Freshman Tom Coleman studies for the PSAT, works for free at the Food Giant his dad runs and plays Nintendo in this rural Pennsylvania town in the fall of 2001, when terrorists and methamphetamine suddenly become big threats.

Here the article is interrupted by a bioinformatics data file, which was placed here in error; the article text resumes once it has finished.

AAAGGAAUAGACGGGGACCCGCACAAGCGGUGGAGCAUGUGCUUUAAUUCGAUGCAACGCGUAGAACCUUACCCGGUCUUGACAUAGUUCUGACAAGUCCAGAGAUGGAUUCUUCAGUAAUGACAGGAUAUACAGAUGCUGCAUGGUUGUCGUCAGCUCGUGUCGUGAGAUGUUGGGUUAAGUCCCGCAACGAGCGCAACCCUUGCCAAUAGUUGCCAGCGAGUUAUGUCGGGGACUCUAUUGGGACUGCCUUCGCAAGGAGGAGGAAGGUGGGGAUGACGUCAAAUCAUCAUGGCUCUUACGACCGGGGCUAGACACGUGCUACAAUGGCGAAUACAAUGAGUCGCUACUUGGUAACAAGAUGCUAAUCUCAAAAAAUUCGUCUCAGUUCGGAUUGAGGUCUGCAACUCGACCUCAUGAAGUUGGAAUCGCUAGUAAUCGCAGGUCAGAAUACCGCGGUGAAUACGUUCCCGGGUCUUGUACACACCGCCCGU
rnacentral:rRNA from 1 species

Bloor (Taken, 2007, etc.) opens with an attempted robbery, allowing Tom to show off his quick thinking. It is the first symptom Tom notices of the coming “plague.” Tom will need more than academic smarts and a hearty work ethic as the town collectively succumbs to meth addiction. Key is a group counseling session about drugs and addiction led by a therapist from outside the community. Both this sophisticated therapist and her good-looking daughter hold an exotic, outsider appeal for Tom. Tom’s family has struggled with addiction in the past, providing a layer of poignancy. As the town goes from a vague awareness of drugs to being overrun by zombie addicts, Tom and the town are challenged to respond. In other hands, the nearby downing of Flight 93 could overshadow the plague, but Bloor’s insight into ordinary people provides a great prism through which to view the events. The language is not particularly elegant (some dialogue is realistically crude), but it carries the big ideas sturdily and with affection for the community and its people.A likable teen successfully explores a significant social issue without preaching or becoming a symbol. (Historical fiction. 12 & up)